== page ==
It wouldn’t be at all surprising to hear National Hockey League general managers say they’re feeling a little trade deadline déjà vu.
After the league and players’ union hammered out a new collective bargaining agreement in January 2013, the 30 GMs had six weeks and 30 or so games to assess their teams before the April 3 trade deadline.
Many of them might feel as though this year’s March 5 deadline also has crept up on them, especially when it arrives 10 days after the NHL’s 18-day shutdown for the Sochi Olympics.
It was March 24, 10 days prior to last year’s deadline, when Pittsburgh Penguins GM Ray Shero created a buzz, trading for gritty forward Brenden Morrow.
The next day Shero picked up defenceman Douglas Murray from San Jose for two second-round draft picks.
Then, on March 28, Shero beat Boston for Jarome Iginla’s services, acquiring the longtime Calgary Flames captain and fan favourite. He had one more move saved for deadline day, adding forward Jussi Jokinen from Carolina.
Pittsburgh had a five-point lead over Montreal atop the Eastern Conference after Shero’s moves and never looked back, winning the conference by eight points over the Canadiens. However, the Bruins got the last laugh by eliminating the Penguins in the East final.
After Boston GM Peter Chiarelli lost out on Iginla, he sent two forward prospects and a pick to Dallas for forward Jaromir Jagr on April 2. Chiarelli added another veteran in defenceman Wade Redden the following day and watched the Bruins maintain their fourth-place standing in the East.
New York Rangers GM Glen Sather also acted on April 2, nabbing gritty forward Ryan Clowe from San Jose for three picks.
Sather was also part of what many considered the most surprising move of deadline day when he shipped three-time 40-goal scorer Marian Gaborik and a pair of minor leaguers to Columbus in a last-minute, six-player deal that saw fellow forwards Derick Brassard and Derek Dorsett, along with defenceman John Moore and a sixth-round pick go to New York.
After the trade, New York jumped two places in the East standings, from eighth to sixth. Gaborik scored three goals and eight points in 12 games as Columbus battled for the eighth and final playoff spot in the West. The Jackets posted a 9-1-0 record in their final 10 games to tie No. 8 Minnesota at the end of the regular season, but lost out on the first tiebreaking criterion with fewer regulation plus overtime victories.
Jason Pominville also made an immediate impact with Minnesota following a deadline-day deal with Buffalo, but the Wild weren’t able to maintain their Northwest Division lead and fell from third to eighth in the West standings.
As for the Canadian teams, Calgary actually climbed one spot to 13th in the West after then-GM Jay Feaster, who would be fired the following season, dealt away defenceman Jay Bouwmeester, forward Blake Comeau and Iginla.
Goalie Miikka Kiprusoff elected to stay with the Flames on deadline day, with Feaster later confirming reports that Toronto requested permission to speak with Kiprusoff to try to persuade him to join the Maple Leafs. Kiprusoff would retire a few months later.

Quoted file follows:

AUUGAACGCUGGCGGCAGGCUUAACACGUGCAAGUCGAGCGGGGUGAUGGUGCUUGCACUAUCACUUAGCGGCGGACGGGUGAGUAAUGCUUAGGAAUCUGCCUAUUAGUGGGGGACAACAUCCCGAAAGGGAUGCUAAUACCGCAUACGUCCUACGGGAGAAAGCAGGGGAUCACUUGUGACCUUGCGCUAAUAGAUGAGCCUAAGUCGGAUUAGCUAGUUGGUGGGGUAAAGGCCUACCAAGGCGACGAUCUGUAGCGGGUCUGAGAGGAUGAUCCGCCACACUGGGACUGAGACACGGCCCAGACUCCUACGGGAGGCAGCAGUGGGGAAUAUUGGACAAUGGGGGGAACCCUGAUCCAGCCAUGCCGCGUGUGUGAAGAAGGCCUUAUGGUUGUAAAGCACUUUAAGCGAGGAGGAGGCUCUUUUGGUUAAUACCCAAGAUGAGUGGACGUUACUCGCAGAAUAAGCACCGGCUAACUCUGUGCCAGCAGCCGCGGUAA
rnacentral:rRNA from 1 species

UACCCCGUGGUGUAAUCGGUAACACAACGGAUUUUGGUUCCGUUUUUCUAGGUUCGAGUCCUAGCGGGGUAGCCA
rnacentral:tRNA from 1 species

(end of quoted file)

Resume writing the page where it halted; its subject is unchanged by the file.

Vancouver Canucks GM Mike Gillis made one notable move leading up to the 2013 deadline, sending defenceman Kevin Connauton and a 2013 second-round pick (Canadian junior goalie Philippe Derosiers) to Dallas for veteran centre Derek Roy. Roy helped the Canucks to a Northwest title with six points in 12 games before signing with St. Louis as a free agent in the summer.
But many people were talking about goalie Roberto Luongo, whom Gillis didn't move prior to the deadline despite months of rumours that he was on the trade block. Asked what may have prevented a deal, Luongo said his 12-year, $64-million US contract signed in September 2009 "sucks" and is probably the reason he's still in Vancouver.
In Ottawa, GM Bryan Murray might be wishing he didn’t follow through on last year’s deadline-day trade that saw goaltender Ben Bishop head to Tampa Bay for diminutive left-winger Cory Conacher.
The 24-year-old Conacher was second in rookie scoring at the time of the deal with 24 points in 35 games but it didn’t translate into immediate success in Ottawa, where the five-foot-eight, 180-pounder finished the season with five points in 12 outings. Conacher has been even less productive this season, with four goals and 20 points in 57 games entering play Thursday.
Bishop, meanwhile, posted good but not great numbers with a 2.99 goals-against average and .917 save percentage in nine games to finish the 2013 campaign.
But this season is a much different story as Bishop is in the conversation for the Vezina Trophy as the NHL’s top netminder. Playing for his third team — St. Louis dealt him to Ottawa in February 2012 for a 2013 second-round pick — Bishop is tops in goals-against average among No. 1 goalies (1.98), second to Edmonton’s Ben Scrivens in save percentage (.933) and third in wins (28).
Montreal, Toronto and Winnipeg didn’t make any impactful moves leading up to the trade deadline, while Edmonton acquired a couple of depth players in centre Jerred Smithson (now in the Maple Leafs organization) and defenceman Garrett Stafford.
Craig MacTavish, in his first season as Oilers GM, could make more noise this time around if he finds a taker for forwards Ales Hemsky and Sam Gagner, who have been the subject of trade rumours this season.
Other Canadian-based players thought to be available include Calgary’s Mike Cammalleri, Montreal’s Daniel Briere, Ottawa’s Chris Phillips, Toronto’s Dave Bolland and Nazem Kadri, Vancouver’s Alex Edler and Winnipeg’s Dustin Byfuglien and Olli Jokinen.
But trade deadline 2014 soon might be remembered for the dealing of the Ryans: Ryan Callahan of the Rangers, Ryan Miller of the Buffalo Sabres and Ryan Kesler of the Canucks, all rumoured to be on the block.